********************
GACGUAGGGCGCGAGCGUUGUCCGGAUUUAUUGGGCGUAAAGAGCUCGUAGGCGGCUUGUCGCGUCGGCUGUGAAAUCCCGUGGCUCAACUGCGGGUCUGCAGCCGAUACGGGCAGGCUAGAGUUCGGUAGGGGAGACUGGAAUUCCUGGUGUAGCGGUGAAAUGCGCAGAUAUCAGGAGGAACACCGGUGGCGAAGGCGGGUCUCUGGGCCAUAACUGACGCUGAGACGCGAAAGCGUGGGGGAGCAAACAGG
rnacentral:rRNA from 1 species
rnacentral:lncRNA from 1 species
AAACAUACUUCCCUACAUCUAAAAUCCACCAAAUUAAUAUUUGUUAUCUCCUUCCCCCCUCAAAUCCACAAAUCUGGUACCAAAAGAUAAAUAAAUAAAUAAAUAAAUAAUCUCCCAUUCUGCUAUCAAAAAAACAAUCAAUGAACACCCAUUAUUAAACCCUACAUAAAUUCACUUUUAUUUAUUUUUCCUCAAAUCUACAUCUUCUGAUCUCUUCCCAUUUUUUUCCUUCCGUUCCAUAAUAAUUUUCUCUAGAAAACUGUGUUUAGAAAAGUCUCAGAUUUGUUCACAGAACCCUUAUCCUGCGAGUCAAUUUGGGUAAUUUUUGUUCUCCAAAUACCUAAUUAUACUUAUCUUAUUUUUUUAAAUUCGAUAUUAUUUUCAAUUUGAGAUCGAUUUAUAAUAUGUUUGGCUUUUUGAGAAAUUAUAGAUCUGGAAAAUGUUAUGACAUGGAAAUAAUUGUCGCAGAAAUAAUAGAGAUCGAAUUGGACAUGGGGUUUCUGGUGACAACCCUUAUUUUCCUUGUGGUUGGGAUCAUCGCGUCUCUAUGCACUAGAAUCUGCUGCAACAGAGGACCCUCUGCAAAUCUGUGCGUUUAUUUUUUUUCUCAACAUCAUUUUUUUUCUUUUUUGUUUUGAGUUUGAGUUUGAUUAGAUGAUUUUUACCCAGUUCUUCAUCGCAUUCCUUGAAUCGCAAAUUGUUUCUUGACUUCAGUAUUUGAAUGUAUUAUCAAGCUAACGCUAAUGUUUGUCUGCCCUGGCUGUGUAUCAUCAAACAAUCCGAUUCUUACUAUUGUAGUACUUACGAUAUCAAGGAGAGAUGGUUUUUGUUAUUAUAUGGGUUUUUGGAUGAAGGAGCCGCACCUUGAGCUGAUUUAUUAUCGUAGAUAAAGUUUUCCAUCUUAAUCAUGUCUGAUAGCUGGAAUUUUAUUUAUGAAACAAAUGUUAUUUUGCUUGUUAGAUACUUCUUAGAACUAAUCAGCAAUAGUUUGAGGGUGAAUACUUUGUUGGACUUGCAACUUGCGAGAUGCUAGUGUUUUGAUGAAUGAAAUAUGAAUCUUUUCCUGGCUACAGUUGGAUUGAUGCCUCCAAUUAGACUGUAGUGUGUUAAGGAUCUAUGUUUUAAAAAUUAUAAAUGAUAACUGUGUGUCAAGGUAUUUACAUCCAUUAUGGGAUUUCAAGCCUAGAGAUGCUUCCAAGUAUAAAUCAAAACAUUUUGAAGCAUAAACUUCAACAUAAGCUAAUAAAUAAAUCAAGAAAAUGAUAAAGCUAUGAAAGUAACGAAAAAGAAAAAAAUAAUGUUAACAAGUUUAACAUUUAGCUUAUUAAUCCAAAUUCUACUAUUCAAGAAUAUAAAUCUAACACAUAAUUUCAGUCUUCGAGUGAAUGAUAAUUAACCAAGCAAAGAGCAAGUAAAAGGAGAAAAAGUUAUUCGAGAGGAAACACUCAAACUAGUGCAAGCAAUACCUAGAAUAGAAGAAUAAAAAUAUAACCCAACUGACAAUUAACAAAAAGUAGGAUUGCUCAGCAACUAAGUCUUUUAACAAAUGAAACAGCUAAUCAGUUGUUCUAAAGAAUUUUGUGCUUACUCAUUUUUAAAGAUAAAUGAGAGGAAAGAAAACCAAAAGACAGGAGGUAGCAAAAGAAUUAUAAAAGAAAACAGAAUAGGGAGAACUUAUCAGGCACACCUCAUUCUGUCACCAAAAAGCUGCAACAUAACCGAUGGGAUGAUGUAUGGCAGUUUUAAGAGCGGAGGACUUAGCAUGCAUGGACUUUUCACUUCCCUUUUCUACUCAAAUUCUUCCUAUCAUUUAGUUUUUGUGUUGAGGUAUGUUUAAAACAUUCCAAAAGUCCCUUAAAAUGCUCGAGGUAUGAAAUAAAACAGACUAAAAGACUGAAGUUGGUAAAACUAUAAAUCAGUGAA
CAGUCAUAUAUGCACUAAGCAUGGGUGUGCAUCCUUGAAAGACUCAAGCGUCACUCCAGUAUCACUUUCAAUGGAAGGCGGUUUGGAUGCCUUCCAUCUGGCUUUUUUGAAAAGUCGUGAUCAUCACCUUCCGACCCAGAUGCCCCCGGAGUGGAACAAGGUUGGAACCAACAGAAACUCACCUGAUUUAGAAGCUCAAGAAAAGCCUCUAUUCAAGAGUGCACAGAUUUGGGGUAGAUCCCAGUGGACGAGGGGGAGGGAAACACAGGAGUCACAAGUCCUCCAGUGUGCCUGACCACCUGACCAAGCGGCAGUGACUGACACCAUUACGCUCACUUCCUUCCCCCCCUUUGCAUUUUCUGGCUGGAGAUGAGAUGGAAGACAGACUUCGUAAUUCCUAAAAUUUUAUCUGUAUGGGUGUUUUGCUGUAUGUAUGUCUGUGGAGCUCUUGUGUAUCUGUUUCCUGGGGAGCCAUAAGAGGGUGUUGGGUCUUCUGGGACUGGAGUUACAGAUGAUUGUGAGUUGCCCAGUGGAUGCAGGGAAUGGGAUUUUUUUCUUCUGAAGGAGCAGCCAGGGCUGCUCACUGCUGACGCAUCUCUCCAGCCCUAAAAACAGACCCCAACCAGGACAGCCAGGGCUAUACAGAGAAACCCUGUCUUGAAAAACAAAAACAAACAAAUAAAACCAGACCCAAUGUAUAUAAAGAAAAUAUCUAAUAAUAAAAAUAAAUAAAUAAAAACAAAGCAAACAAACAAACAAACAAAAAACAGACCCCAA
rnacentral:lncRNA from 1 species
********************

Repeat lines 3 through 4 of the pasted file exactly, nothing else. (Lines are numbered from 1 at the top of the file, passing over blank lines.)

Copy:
rnacentral:lncRNA from 1 species
AAACAUACUUCCCUACAUCUAAAAUCCACCAAAUUAAUAUUUGUUAUCUCCUUCCCCCCUCAAAUCCACAAAUCUGGUACCAAAAGAUAAAUAAAUAAAUAAAUAAAUAAUCUCCCAUUCUGCUAUCAAAAAAACAAUCAAUGAACACCCAUUAUUAAACCCUACAUAAAUUCACUUUUAUUUAUUUUUCCUCAAAUCUACAUCUUCUGAUCUCUUCCCAUUUUUUUCCUUCCGUUCCAUAAUAAUUUUCUCUAGAAAACUGUGUUUAGAAAAGUCUCAGAUUUGUUCACAGAACCCUUAUCCUGCGAGUCAAUUUGGGUAAUUUUUGUUCUCCAAAUACCUAAUUAUACUUAUCUUAUUUUUUUAAAUUCGAUAUUAUUUUCAAUUUGAGAUCGAUUUAUAAUAUGUUUGGCUUUUUGAGAAAUUAUAGAUCUGGAAAAUGUUAUGACAUGGAAAUAAUUGUCGCAGAAAUAAUAGAGAUCGAAUUGGACAUGGGGUUUCUGGUGACAACCCUUAUUUUCCUUGUGGUUGGGAUCAUCGCGUCUCUAUGCACUAGAAUCUGCUGCAACAGAGGACCCUCUGCAAAUCUGUGCGUUUAUUUUUUUUCUCAACAUCAUUUUUUUUCUUUUUUGUUUUGAGUUUGAGUUUGAUUAGAUGAUUUUUACCCAGUUCUUCAUCGCAUUCCUUGAAUCGCAAAUUGUUUCUUGACUUCAGUAUUUGAAUGUAUUAUCAAGCUAACGCUAAUGUUUGUCUGCCCUGGCUGUGUAUCAUCAAACAAUCCGAUUCUUACUAUUGUAGUACUUACGAUAUCAAGGAGAGAUGGUUUUUGUUAUUAUAUGGGUUUUUGGAUGAAGGAGCCGCACCUUGAGCUGAUUUAUUAUCGUAGAUAAAGUUUUCCAUCUUAAUCAUGUCUGAUAGCUGGAAUUUUAUUUAUGAAACAAAUGUUAUUUUGCUUGUUAGAUACUUCUUAGAACUAAUCAGCAAUAGUUUGAGGGUGAAUACUUUGUUGGACUUGCAACUUGCGAGAUGCUAGUGUUUUGAUGAAUGAAAUAUGAAUCUUUUCCUGGCUACAGUUGGAUUGAUGCCUCCAAUUAGACUGUAGUGUGUUAAGGAUCUAUGUUUUAAAAAUUAUAAAUGAUAACUGUGUGUCAAGGUAUUUACAUCCAUUAUGGGAUUUCAAGCCUAGAGAUGCUUCCAAGUAUAAAUCAAAACAUUUUGAAGCAUAAACUUCAACAUAAGCUAAUAAAUAAAUCAAGAAAAUGAUAAAGCUAUGAAAGUAACGAAAAAGAAAAAAAUAAUGUUAACAAGUUUAACAUUUAGCUUAUUAAUCCAAAUUCUACUAUUCAAGAAUAUAAAUCUAACACAUAAUUUCAGUCUUCGAGUGAAUGAUAAUUAACCAAGCAAAGAGCAAGUAAAAGGAGAAAAAGUUAUUCGAGAGGAAACACUCAAACUAGUGCAAGCAAUACCUAGAAUAGAAGAAUAAAAAUAUAACCCAACUGACAAUUAACAAAAAGUAGGAUUGCUCAGCAACUAAGUCUUUUAACAAAUGAAACAGCUAAUCAGUUGUUCUAAAGAAUUUUGUGCUUACUCAUUUUUAAAGAUAAAUGAGAGGAAAGAAAACCAAAAGACAGGAGGUAGCAAAAGAAUUAUAAAAGAAAACAGAAUAGGGAGAACUUAUCAGGCACACCUCAUUCUGUCACCAAAAAGCUGCAACAUAACCGAUGGGAUGAUGUAUGGCAGUUUUAAGAGCGGAGGACUUAGCAUGCAUGGACUUUUCACUUCCCUUUUCUACUCAAAUUCUUCCUAUCAUUUAGUUUUUGUGUUGAGGUAUGUUUAAAACAUUCCAAAAGUCCCUUAAAAUGCUCGAGGUAUGAAAUAAAACAGACUAAAAGACUGAAGUUGGUAAAACUAUAAAUCAGUGAA